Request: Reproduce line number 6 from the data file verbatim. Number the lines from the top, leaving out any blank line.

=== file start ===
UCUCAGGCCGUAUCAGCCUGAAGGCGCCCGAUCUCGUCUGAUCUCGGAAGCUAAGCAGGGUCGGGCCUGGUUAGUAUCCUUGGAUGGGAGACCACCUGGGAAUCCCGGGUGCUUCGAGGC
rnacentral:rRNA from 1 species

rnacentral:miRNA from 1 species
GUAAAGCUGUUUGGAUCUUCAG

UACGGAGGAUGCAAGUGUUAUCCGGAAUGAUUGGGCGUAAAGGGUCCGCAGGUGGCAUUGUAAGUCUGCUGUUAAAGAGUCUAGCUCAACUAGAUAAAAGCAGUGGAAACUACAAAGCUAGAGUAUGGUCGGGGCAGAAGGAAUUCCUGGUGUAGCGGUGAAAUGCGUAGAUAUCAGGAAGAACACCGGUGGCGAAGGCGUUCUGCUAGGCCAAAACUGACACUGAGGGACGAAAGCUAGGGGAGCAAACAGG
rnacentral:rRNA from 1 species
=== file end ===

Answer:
rnacentral:rRNA from 1 species